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First Edition Cycling News, Thursday, March 29, 2012

Date published:
March 29, 2012, 1:00 BST
  • Kolobnev signs for Katusha

    Alexandr Kolobnev (Katusha)
    Article published:
    March 28, 2012, 14:47 BST
    Cycling News

    Russian rider rejoins team after doping acquittal

    Controversial Russian rider Alexandr Kolobnev, who was cleared of systematic doping by the Court of Arbitration for Sport (CAS) at the end of February, has re-signed for Team Katusha for the remainder of the 2012 season. Kolobnev enjoyed plenty of success for Katusha in 2010 and 2011, though his final year with the team was blighted by accusations that he sold victory at the 2010 Liege-Bastogne-Liege to Alexandre Vinokourov.

    Katusha released Kolobnev pending the outcome of his hearing, which found in his favour when the court ruled that the hydrochlorothiazide found in his system at the last year's Tour de France was the result of medication used for a vascular disease that he has suffered from for many years. Now that he is free to ride again, he has been reunited with his former teammates on the Russian-based squad.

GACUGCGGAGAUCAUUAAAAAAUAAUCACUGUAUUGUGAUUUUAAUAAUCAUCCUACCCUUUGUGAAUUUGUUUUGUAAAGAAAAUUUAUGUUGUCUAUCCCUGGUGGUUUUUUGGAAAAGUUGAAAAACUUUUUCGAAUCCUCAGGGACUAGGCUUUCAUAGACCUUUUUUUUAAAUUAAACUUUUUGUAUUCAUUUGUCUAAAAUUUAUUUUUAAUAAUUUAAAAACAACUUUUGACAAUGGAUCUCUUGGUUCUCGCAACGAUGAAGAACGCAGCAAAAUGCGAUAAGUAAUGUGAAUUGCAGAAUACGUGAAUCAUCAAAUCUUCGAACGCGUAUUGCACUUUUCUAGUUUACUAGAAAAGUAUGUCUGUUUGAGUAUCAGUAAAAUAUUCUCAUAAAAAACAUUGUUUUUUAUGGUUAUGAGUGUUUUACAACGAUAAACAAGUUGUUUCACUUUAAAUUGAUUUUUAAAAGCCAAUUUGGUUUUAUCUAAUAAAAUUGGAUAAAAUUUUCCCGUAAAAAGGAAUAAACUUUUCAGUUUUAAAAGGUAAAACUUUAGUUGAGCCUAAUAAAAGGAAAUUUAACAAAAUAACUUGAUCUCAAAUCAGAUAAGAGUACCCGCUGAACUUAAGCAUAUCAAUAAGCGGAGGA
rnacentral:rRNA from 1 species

It is not known exactly when Kolobnev will return to the peloton as he is currently recovering from a training accident.

    "I am very happy to receive a proposal to become a part of Katusha Team," Kolobnev said. "I had a very hard period of time in my life, but I passed it. Already, its behind me. I thank the Russian Cycling Federation and its President Igor Makarov for the big support that was provided to me. With the help of Mr Makarov I can ride for Katusha again. I think I have enough power and motivation to strengthen the team in the Classics as well as in other races of the season."

  • Oss expects war of attrition in Tour of Flanders finale

    Daniel Oss (Liquigas-Cannondale)
    Article published: